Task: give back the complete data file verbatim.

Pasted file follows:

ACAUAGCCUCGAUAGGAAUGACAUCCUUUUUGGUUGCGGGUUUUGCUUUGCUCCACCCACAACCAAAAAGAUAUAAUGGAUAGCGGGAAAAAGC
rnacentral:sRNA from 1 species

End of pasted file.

ACAUAGCCUCGAUAGGAAUGACAUCCUUUUUGGUUGCGGGUUUUGCUUUGCUCCACCCACAACCAAAAAGAUAUAAUGGAUAGCGGGAAAAAGC
rnacentral:sRNA from 1 species